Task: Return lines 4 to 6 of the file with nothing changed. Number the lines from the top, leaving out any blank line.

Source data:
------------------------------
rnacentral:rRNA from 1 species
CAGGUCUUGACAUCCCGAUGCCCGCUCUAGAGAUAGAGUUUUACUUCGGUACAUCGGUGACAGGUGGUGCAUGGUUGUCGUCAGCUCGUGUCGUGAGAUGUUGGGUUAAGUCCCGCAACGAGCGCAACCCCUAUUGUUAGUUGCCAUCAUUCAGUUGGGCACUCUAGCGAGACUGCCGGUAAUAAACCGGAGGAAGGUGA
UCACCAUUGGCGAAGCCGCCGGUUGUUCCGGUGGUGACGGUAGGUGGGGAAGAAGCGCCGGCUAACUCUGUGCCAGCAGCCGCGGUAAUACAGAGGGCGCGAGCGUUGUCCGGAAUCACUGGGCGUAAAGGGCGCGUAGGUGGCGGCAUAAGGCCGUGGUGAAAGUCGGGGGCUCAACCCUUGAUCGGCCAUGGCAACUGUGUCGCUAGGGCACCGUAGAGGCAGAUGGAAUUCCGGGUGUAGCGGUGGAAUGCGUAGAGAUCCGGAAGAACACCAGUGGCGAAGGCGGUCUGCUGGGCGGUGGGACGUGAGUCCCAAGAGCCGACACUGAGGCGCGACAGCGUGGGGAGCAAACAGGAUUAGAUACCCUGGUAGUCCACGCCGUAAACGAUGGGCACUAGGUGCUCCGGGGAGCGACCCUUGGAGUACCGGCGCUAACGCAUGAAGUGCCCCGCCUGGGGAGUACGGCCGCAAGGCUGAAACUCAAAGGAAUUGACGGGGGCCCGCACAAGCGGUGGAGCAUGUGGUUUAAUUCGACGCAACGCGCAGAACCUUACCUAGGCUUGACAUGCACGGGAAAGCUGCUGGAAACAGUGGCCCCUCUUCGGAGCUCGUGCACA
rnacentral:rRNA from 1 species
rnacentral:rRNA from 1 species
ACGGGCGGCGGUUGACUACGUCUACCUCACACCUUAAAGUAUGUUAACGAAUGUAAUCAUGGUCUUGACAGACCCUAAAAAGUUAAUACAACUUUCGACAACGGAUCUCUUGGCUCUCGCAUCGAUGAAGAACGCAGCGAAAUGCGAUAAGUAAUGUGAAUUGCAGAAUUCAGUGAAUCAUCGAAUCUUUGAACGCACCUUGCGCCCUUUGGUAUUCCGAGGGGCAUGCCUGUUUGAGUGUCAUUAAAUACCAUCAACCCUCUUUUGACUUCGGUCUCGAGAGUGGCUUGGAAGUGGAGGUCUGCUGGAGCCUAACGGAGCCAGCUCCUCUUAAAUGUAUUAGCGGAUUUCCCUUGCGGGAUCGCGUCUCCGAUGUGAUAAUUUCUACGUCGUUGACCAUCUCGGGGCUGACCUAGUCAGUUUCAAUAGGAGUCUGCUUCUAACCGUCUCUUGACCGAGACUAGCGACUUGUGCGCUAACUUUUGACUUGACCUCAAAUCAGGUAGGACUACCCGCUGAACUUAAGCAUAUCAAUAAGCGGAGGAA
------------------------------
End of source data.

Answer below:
rnacentral:rRNA from 1 species
rnacentral:rRNA from 1 species
ACGGGCGGCGGUUGACUACGUCUACCUCACACCUUAAAGUAUGUUAACGAAUGUAAUCAUGGUCUUGACAGACCCUAAAAAGUUAAUACAACUUUCGACAACGGAUCUCUUGGCUCUCGCAUCGAUGAAGAACGCAGCGAAAUGCGAUAAGUAAUGUGAAUUGCAGAAUUCAGUGAAUCAUCGAAUCUUUGAACGCACCUUGCGCCCUUUGGUAUUCCGAGGGGCAUGCCUGUUUGAGUGUCAUUAAAUACCAUCAACCCUCUUUUGACUUCGGUCUCGAGAGUGGCUUGGAAGUGGAGGUCUGCUGGAGCCUAACGGAGCCAGCUCCUCUUAAAUGUAUUAGCGGAUUUCCCUUGCGGGAUCGCGUCUCCGAUGUGAUAAUUUCUACGUCGUUGACCAUCUCGGGGCUGACCUAGUCAGUUUCAAUAGGAGUCUGCUUCUAACCGUCUCUUGACCGAGACUAGCGACUUGUGCGCUAACUUUUGACUUGACCUCAAAUCAGGUAGGACUACCCGCUGAACUUAAGCAUAUCAAUAAGCGGAGGAA